1. Handbook
  2. Subjects
  3. Ensemble Studies 2

Ensemble Studies 2 (MUSI10192)

Undergraduate level 1Points: 12.5On Campus (Southbank)

You’re viewing the 2019 Handbook:
Or view archived Handbooks


Year of offer2019
Subject levelUndergraduate Level 1
Subject codeMUSI10192
Semester 1
Semester 2
FeesSubject EFTSL, Level, Discipline & Census Date

This subject examines the skills individual performers require in the development of ensemble performance. Ensemble studies are led by experienced practitioners in the field of contemporary music performance and delivered in practical sessions. Throughout the course students will be required to engage in rehearsals, repertoire development, performances and focused group discussions, covering aspects such as interpretation, arrangement, originality, creativity, balance, interaction, dynamics, tempo, placement, style, rhythm and harmony.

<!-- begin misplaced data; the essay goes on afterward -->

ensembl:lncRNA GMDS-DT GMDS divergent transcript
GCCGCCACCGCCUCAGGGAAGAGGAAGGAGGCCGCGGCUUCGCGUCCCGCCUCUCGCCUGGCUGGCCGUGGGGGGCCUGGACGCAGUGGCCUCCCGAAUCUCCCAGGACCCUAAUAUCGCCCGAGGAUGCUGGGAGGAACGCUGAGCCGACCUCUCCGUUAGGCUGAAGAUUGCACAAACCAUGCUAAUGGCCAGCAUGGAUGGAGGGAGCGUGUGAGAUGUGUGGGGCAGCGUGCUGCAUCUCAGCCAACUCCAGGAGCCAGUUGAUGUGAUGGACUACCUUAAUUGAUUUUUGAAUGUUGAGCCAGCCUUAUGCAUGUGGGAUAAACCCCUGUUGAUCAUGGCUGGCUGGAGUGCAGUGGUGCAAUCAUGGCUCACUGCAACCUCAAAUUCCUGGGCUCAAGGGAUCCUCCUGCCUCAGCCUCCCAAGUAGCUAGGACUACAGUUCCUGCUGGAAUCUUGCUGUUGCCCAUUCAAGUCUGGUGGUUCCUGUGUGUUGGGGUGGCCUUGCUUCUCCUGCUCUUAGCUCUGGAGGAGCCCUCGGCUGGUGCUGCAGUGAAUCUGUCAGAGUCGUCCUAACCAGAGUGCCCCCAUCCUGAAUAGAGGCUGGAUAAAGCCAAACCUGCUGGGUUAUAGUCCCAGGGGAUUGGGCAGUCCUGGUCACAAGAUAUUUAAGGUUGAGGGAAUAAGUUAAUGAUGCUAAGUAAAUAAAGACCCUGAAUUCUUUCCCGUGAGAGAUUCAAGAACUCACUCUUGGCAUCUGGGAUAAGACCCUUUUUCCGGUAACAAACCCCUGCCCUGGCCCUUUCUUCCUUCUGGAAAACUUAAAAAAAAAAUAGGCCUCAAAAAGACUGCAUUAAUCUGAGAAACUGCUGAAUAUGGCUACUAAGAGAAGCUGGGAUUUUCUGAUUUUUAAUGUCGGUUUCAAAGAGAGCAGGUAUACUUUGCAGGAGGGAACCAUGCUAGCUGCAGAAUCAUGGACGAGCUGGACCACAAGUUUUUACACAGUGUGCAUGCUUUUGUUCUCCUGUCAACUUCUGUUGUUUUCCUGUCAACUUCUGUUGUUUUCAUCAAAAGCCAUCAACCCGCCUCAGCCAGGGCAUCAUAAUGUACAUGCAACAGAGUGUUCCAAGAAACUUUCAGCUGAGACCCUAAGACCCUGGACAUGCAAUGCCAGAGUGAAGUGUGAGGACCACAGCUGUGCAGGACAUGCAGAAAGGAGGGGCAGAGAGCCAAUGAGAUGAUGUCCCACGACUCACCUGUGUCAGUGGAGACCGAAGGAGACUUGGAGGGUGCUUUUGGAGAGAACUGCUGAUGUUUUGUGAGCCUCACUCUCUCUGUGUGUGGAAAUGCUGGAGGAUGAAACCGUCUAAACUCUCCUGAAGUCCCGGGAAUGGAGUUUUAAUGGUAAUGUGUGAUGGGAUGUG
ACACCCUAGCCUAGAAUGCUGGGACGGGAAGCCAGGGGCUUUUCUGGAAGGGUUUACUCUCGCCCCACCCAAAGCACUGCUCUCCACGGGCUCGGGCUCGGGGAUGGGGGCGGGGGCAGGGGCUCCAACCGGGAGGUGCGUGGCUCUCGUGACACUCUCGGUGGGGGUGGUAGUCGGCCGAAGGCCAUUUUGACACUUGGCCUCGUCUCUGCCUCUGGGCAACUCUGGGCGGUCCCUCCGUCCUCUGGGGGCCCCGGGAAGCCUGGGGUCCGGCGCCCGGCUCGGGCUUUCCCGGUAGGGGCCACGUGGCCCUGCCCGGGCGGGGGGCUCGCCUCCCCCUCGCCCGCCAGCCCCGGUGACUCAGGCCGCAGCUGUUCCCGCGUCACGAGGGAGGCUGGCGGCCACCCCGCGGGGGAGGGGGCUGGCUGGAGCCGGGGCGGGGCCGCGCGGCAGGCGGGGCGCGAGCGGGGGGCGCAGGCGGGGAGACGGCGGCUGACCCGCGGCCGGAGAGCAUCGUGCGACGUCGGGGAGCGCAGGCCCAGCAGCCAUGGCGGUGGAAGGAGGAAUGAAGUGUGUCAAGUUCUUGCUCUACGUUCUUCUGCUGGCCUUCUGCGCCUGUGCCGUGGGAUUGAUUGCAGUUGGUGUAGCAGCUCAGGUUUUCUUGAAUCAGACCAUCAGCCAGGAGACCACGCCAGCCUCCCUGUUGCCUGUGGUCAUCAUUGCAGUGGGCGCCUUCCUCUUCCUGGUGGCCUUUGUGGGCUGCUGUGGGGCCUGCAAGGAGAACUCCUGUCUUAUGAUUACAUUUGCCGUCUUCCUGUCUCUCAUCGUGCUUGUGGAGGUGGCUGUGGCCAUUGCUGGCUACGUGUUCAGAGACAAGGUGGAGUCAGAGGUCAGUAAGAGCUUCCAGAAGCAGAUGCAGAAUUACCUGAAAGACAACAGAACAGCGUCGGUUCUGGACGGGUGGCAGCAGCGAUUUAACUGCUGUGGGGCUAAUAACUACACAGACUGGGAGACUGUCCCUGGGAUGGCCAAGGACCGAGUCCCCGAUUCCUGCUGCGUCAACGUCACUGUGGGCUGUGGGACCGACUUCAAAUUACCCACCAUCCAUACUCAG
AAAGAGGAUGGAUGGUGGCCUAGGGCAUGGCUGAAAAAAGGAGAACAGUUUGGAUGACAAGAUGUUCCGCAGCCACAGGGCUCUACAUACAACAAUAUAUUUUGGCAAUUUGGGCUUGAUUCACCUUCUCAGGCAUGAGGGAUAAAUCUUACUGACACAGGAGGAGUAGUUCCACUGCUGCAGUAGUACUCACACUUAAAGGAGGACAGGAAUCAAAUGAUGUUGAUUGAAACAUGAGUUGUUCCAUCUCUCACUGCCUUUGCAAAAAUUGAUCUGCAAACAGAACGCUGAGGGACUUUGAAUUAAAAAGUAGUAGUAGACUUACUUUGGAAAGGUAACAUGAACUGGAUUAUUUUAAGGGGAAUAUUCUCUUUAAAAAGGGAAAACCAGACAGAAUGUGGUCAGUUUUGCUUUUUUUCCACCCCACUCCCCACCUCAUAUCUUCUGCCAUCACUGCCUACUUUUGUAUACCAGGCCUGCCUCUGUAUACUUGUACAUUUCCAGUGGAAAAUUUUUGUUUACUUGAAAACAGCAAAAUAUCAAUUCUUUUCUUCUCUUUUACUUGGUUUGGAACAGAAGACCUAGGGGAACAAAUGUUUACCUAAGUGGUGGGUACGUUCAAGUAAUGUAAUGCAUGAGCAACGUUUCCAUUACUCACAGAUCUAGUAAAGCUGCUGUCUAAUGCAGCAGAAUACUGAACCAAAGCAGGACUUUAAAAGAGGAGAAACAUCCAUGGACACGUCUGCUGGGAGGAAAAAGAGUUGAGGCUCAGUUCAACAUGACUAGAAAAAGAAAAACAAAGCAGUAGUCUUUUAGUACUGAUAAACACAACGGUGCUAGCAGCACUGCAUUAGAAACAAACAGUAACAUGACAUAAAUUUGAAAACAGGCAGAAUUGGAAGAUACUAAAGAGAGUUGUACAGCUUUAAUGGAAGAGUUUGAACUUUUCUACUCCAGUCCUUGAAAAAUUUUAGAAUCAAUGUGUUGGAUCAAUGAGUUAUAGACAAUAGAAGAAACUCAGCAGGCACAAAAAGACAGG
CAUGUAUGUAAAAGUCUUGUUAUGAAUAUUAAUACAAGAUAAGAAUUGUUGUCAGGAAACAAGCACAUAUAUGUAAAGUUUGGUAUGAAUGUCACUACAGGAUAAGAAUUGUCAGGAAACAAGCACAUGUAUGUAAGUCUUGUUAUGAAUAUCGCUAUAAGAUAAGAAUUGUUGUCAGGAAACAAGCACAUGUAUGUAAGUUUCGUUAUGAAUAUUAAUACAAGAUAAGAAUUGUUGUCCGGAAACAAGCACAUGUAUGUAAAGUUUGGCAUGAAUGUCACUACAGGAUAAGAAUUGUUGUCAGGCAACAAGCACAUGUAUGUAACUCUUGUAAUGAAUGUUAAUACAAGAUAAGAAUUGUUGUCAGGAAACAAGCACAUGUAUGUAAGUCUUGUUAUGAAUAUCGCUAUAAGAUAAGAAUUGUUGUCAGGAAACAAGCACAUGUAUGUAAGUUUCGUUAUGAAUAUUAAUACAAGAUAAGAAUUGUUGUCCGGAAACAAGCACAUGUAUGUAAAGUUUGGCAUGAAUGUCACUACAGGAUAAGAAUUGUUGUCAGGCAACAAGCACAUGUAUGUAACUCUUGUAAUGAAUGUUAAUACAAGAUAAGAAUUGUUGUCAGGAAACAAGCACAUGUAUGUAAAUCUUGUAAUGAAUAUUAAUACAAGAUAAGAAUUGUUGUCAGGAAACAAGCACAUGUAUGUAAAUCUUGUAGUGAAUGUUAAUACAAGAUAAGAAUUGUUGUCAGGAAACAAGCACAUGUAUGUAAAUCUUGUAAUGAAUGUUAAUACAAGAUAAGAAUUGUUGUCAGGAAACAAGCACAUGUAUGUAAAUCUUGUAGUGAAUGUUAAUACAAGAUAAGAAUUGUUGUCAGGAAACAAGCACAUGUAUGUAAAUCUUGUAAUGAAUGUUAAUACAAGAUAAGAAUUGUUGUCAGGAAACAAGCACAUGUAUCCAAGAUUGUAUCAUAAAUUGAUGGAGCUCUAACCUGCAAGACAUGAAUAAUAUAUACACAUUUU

Intended learning outcomes

On completing this subject students will have developed:

  • the ability to connect research, repertoire and performance, and have developed creative skills of interpretation across a wide spectrum of music;
  • the ability to be cognisant of and sympathetic to a broad range of music and associated performance skills;
  • the ability to work at various levels, both individually and as a team member, in a wide variety of musical environments;
  • an appreciation of small and large group performance, public performance practice and the extra-musical aspects necessary for success in the profession;
  • an appreciation and understanding of the individualistic nature of performance;
  • an understanding of how to engage in constructive critical debate.

Generic skills

On completing this subject students will:

  • have in-depth knowledge of their specialist discipline;
  • have reached a high level of achievement in creative artistic practice, problem solving and communication;
  • be critical and creative thinkers, with an aptitude for continued self-directed learning;
  • have the capacity to participate fully in collaborative learning and to confront unfamiliar problems.

Last updated: 9 November 2018